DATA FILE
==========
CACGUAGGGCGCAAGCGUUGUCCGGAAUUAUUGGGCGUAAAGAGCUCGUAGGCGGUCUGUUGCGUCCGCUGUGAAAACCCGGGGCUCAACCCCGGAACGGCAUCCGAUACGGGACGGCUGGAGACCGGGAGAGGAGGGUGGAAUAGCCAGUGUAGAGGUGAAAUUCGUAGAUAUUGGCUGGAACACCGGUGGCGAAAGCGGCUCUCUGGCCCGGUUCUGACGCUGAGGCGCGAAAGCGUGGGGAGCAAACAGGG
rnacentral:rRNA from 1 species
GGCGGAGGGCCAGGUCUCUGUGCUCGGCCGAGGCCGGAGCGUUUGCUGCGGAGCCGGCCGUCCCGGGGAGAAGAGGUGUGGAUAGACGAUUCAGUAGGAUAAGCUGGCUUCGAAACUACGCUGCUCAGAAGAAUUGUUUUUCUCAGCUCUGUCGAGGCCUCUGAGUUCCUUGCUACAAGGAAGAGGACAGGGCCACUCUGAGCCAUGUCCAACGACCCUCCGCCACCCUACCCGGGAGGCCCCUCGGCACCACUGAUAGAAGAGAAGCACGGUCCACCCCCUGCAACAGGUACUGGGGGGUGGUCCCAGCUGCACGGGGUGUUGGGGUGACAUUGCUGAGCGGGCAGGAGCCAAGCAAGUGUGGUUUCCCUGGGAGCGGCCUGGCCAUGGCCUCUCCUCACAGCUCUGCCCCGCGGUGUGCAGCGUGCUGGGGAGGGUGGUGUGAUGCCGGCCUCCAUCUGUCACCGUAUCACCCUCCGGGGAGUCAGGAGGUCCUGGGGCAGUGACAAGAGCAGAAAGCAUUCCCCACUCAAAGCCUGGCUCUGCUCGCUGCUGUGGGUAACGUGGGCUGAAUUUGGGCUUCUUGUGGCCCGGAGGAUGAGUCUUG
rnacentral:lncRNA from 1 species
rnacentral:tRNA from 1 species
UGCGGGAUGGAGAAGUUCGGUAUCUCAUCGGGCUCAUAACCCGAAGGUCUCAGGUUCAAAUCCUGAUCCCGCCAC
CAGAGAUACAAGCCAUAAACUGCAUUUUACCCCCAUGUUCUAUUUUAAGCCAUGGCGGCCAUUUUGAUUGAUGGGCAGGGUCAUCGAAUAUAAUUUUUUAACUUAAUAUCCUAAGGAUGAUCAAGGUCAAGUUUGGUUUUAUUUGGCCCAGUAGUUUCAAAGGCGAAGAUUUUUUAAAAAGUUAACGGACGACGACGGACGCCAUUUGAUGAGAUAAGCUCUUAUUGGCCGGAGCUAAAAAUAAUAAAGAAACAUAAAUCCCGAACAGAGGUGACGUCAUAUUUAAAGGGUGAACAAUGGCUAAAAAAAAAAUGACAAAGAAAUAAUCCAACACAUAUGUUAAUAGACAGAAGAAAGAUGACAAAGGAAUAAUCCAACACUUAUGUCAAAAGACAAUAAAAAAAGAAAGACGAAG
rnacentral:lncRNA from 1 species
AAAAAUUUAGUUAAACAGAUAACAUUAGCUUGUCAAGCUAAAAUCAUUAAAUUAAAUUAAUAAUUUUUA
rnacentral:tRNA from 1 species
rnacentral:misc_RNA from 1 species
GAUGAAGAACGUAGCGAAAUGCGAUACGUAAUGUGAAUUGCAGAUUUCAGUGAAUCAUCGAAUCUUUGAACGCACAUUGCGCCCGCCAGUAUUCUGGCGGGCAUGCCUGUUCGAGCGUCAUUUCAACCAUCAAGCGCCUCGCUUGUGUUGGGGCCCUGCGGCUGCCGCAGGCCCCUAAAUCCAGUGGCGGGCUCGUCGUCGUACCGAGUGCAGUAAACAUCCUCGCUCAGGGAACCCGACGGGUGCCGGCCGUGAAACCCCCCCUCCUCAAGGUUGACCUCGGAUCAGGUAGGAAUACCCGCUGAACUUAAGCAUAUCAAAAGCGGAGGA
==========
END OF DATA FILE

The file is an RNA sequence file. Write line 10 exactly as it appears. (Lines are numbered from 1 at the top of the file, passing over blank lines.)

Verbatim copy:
rnacentral:tRNA from 1 species